Elon Musk is considered by many to be visionary – a pioneer of private exploration, and the man behind the Hyperloop concept to shoot people from Los Angeles to San Francisco in a metal tube in only 35 minutes. But there are some ideas that even he believes are too far-fetched. A space elevator is one of them.
“This is extremely complicated. I don't think it's really realistic to have a space elevator,” said Musk during a conference at MIT last October, adding that it would be easier to “have a bridge from LA to Tokyo” than an elevator that could take material into space.
Sending people and payloads into space in capsules speeding along a giant cable held in place by the rotation of the Earth has featured in the work of science fiction authors such as Arthur C Clarke, but never been deemed feasible in the real world. So, are we kidding ourselves that our abilities can solve this truly gargantuan technical challenge?
As BBC Future has discovered before, proponents of space elevators believe not. They see chemical rockets as an outdated, risky, environmentally damaging and exorbitant means of getting into space. Their proposed alternative is essentially a railway line into space: electrically-powered spacecraft travelling from an anchor point on Earth along a super-strength tether linked to a counterweight travelling in a geosynchronous orbit around the planet. Once built, space elevators could carry loads into space for $500 a kilogram, compared to the current price tag of around $20,000 a kilogram, according to a recent report by the International Academy of Astronautics (IAA).
“It’s a phenomenal enabling technology that would open up our Solar System to humankind,” says Peter Swan, President of the International Space Elevator Consortium, and lead author of the IAA report. “I think the first ones will be robotic, and then 10 to 15 years after that we’ll have six to eight elevators that are safe enough to carry people.”
Unfortunately, that structure would not only have to be up to 100,000 kilometres long – more than twice Earth’s circumference – it would also have to be able to support its own weight. Quite simply, there is no substance on Earth that has such properties.
But there are scientists who think that it can be done – and that it could be a reality this century. A major Japanese construction company has announced plans to build one by 2050. And US researchers who recently developed a new diamond-like nanothread material believe its likely strength could make space elevator construction feasible within most of our lifetimes.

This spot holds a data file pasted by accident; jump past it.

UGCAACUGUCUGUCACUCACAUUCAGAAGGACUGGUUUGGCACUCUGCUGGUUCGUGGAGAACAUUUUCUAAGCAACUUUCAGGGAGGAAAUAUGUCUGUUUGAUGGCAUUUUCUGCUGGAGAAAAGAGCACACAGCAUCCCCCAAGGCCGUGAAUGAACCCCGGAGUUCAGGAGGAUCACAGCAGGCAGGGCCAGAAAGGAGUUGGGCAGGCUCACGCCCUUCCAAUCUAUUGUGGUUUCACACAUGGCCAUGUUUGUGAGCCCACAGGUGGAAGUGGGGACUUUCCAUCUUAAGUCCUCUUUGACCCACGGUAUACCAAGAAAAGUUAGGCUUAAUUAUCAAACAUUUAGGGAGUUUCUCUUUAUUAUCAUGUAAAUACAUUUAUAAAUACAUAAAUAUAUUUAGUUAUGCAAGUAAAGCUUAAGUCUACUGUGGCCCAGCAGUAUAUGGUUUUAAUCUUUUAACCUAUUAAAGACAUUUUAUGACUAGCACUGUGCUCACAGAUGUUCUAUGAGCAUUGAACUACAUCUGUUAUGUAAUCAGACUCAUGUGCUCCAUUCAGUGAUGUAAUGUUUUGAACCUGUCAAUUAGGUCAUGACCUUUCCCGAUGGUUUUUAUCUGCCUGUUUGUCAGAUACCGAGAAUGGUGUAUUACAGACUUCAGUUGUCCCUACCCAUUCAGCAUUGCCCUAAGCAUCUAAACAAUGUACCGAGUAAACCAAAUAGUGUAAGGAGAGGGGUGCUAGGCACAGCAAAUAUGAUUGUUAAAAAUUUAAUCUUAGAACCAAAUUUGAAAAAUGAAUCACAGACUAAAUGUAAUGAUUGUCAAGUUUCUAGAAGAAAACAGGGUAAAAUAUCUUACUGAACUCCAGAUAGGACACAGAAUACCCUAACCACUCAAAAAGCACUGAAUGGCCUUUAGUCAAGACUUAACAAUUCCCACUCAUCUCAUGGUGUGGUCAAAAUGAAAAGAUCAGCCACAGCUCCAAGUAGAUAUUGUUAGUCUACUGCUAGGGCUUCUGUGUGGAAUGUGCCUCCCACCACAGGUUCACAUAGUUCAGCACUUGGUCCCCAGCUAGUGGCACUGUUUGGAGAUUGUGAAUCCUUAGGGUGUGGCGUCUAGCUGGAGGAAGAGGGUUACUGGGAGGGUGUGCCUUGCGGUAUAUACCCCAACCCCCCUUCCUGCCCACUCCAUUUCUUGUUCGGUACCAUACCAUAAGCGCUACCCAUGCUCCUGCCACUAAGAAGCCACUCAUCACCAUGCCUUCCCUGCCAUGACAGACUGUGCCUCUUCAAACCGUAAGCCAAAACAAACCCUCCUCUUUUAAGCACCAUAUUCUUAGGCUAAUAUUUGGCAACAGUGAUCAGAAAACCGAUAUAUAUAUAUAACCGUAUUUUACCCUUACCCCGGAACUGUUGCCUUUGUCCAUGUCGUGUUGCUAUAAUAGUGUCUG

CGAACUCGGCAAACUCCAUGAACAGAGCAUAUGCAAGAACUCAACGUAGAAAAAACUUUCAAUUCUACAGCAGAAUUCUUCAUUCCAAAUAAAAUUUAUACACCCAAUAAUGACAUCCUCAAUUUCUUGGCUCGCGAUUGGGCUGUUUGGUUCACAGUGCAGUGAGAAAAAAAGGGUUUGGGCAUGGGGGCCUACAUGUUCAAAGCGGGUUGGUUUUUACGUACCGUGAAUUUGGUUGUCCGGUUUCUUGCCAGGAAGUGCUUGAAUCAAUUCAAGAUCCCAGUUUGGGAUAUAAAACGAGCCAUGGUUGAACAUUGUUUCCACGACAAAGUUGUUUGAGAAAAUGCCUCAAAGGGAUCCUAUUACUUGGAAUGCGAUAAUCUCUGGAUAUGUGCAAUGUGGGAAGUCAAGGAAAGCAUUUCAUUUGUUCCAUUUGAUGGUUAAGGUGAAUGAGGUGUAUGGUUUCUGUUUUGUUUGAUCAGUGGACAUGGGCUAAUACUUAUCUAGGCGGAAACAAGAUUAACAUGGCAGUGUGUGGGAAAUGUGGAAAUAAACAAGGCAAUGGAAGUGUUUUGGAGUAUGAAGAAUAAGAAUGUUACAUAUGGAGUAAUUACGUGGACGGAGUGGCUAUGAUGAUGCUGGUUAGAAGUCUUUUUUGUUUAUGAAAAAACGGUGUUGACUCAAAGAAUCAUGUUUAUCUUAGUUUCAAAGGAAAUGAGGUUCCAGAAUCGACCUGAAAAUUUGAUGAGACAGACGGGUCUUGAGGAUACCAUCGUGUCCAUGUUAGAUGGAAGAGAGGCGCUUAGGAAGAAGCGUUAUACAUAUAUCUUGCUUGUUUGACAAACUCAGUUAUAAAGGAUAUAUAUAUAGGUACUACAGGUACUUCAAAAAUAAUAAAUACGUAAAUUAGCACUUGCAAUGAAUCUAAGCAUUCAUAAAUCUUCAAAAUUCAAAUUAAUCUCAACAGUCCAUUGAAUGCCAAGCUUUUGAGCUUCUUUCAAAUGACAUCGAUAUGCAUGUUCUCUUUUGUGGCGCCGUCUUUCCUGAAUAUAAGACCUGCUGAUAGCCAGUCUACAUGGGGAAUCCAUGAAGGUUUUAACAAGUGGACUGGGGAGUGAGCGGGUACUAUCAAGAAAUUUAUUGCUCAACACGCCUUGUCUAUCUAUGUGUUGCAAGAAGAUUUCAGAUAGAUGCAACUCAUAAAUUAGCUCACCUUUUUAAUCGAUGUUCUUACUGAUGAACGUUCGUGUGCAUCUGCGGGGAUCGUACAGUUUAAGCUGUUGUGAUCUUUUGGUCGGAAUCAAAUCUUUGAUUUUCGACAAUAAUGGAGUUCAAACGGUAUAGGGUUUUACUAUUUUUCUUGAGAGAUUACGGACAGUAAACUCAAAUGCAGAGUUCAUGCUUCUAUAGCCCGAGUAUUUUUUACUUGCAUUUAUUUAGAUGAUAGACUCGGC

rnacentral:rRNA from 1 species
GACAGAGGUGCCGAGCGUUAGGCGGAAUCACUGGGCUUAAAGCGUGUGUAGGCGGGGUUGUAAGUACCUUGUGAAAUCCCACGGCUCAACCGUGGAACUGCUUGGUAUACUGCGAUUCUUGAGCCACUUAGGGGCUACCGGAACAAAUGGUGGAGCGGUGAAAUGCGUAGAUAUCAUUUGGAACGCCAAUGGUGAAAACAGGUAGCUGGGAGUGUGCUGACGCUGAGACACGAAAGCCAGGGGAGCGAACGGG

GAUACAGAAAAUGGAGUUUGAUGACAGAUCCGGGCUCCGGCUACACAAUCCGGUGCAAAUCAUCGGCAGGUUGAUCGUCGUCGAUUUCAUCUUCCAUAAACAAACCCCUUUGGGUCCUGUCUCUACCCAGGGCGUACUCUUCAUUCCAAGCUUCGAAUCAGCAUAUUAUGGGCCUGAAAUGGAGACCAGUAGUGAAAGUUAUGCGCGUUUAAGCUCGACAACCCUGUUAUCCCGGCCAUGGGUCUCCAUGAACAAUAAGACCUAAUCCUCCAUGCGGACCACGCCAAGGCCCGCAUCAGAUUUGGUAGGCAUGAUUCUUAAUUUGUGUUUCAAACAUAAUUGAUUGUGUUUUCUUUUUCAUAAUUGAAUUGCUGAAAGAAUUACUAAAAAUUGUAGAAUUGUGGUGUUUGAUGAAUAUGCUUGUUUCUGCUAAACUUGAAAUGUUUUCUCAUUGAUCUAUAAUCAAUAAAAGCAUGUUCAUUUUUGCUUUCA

Could a space elevator one day take tourists far above the Earth? (Nasa)
Modern thinking about space elevators dates back to 1895 when Russian school teacher Konstantin Tsiolkovsky was inspired by the recently completed Eiffel Tower in Paris to consider the physics of building a tower all the way to space so that spacecraft could be launched into orbit without rockets. Science fiction writer Arthur C Clarke inspired more recent interest with his 1979 novel The Fountains of Paradise in which his main character builds a space elevator with a similar design to those being investigated today.
But how do you make it reality? “I love the outrageousness of the idea,” says Kevin Fong, who founded the Centre for Altitude, Space and Extreme environment medicine at University College London. “I can see why people have their eyes on the concept because if you can get to low Earth orbit cheaply and safely then the inner Solar System becomes your oyster.”
The sticking point is how you would actually build it. “To begin with it would need to be made of an as yet non-existent extremely strong yet flexible material with the right mass and density characteristics to support the vehicles, and capable of withstanding an incredible array of sheering forces,” says Fong. “I would imagine it would require the most ambitious series of low- and high-Earth orbital missions and space walks in the history of our species.”
Then there are the safety issues, he adds. “Even if we could overcome the considerable engineering challenges involved in building this thing, it paints a rather terrifying picture of a giant cheese wire scything through space taking out space vehicles and being itself hit by all the space debris already up there.”
There have been three detailed concept designs published in the last 12 years. The first, published by Brad Edwards and Eric Westling in their 2003 book Space Elevators, envisaged 20-tonne payloads powered by Earth-based lasers travelling at a cost of $150 a kilogram, and with a construction price tag of $6bn (£3.9bn).